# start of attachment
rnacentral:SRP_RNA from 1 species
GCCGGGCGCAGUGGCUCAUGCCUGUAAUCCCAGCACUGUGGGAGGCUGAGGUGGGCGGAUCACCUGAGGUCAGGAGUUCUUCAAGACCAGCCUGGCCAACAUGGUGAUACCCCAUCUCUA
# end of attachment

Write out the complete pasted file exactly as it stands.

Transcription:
rnacentral:SRP_RNA from 1 species
GCCGGGCGCAGUGGCUCAUGCCUGUAAUCCCAGCACUGUGGGAGGCUGAGGUGGGCGGAUCACCUGAGGUCAGGAGUUCUUCAAGACCAGCCUGGCCAACAUGGUGAUACCCCAUCUCUA